So, if i were the asker, i would delete the grub.conf lines of Linux and then using Gparted, format the partitions, / and swap (if used)...

Best regards...

read this section from the webpage I posted above:

It explains very well how GRUB works and may have some answers to your question.

Normally, when you image a hard drive, the MBR is not included in the image. Most imaging software has to be especially configured to include it. That explains why your GRUB seemed to have been lost after restoring an image to another system. On reactivating, it was rewritten to the MBR.
kilgore661Author Commented:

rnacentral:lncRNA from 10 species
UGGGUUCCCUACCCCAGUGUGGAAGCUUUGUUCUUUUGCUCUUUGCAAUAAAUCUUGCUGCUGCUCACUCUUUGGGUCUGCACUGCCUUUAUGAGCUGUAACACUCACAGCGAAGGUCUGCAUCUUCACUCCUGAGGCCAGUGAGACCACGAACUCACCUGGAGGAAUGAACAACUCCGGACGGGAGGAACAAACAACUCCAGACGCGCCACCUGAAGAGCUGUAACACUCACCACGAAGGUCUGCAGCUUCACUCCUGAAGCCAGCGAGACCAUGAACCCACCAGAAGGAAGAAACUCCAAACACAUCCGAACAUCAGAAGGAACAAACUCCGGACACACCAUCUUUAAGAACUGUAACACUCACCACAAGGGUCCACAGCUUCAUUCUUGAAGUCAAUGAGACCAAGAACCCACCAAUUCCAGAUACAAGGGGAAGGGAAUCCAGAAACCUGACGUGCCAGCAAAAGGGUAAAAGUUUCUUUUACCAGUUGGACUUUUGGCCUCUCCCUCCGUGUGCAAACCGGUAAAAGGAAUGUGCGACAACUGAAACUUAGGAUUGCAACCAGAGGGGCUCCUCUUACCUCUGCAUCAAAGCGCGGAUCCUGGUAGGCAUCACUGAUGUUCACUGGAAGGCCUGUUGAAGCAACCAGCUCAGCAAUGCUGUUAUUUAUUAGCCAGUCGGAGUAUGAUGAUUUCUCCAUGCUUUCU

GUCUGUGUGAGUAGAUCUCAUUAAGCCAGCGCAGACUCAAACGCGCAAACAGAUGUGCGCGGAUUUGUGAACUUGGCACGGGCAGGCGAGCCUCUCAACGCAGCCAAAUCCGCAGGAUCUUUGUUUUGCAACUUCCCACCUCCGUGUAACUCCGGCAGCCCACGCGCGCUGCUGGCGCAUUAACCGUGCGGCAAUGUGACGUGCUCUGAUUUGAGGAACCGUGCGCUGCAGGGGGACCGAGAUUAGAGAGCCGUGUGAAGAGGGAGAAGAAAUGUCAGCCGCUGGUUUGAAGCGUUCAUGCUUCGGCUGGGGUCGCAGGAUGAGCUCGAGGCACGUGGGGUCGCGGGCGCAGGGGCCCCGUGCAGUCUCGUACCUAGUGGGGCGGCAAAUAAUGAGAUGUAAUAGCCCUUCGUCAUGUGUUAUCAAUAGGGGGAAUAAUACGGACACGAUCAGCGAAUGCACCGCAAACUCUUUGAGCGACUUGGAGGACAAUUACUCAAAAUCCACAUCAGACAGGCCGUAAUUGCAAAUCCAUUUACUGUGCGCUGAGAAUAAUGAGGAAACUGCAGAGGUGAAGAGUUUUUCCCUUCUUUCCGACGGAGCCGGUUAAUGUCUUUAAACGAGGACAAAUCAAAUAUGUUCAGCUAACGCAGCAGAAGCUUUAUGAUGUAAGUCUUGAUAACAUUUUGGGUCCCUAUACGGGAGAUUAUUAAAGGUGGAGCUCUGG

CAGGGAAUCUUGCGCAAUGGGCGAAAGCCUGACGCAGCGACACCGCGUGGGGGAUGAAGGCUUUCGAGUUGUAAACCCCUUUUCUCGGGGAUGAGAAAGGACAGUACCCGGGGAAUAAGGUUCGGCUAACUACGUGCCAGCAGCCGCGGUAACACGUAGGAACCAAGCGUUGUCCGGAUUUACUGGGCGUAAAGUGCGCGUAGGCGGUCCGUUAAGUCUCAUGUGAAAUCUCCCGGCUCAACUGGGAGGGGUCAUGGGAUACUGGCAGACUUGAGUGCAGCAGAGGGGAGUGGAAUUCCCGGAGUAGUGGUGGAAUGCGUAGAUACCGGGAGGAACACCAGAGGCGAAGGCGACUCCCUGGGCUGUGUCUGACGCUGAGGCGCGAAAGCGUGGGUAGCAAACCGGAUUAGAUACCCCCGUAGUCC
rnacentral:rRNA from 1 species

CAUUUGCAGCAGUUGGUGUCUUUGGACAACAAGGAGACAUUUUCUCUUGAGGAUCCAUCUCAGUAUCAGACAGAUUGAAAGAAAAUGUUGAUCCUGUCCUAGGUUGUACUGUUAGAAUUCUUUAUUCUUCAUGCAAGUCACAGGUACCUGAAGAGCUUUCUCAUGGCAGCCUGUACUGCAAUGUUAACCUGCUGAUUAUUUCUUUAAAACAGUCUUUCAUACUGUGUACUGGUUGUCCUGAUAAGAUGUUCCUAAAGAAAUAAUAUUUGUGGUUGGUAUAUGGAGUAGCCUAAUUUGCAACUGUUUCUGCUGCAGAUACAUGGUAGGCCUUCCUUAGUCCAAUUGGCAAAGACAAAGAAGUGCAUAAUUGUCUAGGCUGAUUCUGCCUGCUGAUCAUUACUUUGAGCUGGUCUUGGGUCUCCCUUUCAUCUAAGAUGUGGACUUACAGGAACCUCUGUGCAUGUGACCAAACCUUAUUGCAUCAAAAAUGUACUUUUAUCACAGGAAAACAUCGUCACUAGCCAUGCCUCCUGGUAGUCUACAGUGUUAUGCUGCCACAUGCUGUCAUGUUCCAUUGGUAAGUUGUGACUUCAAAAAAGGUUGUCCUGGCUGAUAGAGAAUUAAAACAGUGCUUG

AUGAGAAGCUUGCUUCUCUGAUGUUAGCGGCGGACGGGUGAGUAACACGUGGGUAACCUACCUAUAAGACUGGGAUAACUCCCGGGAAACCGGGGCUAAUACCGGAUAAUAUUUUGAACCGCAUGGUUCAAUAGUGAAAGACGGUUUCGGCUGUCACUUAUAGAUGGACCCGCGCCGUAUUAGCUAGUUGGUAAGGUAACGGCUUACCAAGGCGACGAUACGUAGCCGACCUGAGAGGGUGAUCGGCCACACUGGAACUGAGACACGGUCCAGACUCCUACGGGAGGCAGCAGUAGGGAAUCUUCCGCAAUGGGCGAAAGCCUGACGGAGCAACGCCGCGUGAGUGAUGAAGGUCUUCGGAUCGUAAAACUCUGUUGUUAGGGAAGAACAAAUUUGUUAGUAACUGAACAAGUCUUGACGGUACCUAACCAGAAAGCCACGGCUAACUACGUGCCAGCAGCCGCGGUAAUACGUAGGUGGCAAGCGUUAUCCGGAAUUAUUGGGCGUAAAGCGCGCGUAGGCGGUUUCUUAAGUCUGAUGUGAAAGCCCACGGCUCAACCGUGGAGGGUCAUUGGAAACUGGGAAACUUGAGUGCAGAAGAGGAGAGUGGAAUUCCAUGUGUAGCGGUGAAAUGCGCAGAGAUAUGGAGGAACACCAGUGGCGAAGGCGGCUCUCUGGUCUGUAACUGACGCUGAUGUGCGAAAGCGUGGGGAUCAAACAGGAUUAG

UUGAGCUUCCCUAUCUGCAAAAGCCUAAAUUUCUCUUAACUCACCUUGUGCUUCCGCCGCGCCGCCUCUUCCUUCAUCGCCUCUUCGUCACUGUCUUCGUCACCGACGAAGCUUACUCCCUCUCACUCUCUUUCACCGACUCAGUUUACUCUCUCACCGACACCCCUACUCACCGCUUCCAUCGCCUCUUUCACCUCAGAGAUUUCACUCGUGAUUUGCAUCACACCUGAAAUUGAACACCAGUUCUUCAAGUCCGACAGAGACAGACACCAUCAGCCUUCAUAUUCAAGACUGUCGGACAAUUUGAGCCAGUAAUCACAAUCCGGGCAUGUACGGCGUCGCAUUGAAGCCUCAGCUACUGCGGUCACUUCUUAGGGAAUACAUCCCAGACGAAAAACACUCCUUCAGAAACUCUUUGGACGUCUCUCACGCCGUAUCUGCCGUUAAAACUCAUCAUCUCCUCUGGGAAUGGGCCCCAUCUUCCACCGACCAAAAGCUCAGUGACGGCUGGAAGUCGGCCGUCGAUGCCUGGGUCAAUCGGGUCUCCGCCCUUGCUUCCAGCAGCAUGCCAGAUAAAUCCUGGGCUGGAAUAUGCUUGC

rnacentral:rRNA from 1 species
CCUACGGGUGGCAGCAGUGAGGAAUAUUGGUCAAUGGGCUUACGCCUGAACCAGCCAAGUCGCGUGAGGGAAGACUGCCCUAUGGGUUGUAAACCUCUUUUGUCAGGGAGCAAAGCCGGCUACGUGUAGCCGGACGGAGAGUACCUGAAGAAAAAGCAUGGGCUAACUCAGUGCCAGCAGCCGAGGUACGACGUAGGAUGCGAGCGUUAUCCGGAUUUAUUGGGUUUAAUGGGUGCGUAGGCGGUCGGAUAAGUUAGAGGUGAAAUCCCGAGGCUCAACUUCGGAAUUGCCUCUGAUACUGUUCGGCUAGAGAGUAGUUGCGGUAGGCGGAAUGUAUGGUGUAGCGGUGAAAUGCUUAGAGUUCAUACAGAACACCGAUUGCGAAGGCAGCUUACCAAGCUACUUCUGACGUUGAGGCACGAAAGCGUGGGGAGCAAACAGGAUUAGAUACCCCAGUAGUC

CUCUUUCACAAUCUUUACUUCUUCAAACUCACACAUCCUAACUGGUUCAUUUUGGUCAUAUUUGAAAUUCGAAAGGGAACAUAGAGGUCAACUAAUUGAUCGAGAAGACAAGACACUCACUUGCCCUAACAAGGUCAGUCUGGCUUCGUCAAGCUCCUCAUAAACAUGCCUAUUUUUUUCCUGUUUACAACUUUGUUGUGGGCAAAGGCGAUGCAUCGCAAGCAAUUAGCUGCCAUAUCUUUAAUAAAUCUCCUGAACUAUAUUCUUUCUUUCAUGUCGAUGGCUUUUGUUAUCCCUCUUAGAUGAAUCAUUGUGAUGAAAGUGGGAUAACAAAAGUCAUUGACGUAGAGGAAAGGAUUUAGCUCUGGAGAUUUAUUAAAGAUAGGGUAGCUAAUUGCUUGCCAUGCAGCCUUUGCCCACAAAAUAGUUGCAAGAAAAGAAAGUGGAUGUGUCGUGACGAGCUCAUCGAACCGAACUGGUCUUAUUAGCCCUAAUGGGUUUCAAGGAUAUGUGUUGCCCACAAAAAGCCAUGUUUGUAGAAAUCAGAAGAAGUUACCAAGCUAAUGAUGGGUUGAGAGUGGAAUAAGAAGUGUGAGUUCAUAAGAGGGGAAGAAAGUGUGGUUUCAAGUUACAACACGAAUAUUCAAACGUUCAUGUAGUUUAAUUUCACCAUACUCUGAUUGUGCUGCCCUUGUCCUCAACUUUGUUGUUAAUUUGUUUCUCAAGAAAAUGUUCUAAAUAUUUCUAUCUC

I found this:

The section on using linux says this one command will do the trick:

dd if=/dev/null of=/dev/sdX bs=446 count=1

which is the kind of solution I was looking for, but I don't completely understand it (yet), and given this is my main Windows machine I want to be really sure I either knew what I was doing or had the recommendation of an expert that it was OK.

Torrimar, the problem I have with your suggestion about the UBCD is that iirc you said that using this to do what I wanted to do was not something you had tried yourself. Is this right?
torimarConnect With a Mentor Commented:

you have a problem with using a suggested programme made for the purpose, but you are almost ready to use potentially harmful commands found somewhere on the internet? It is true that I never used the free MBR utilities assembled on the UBCD, but then: I never used FIXMBR either, because I don't usually play around with my MBR :)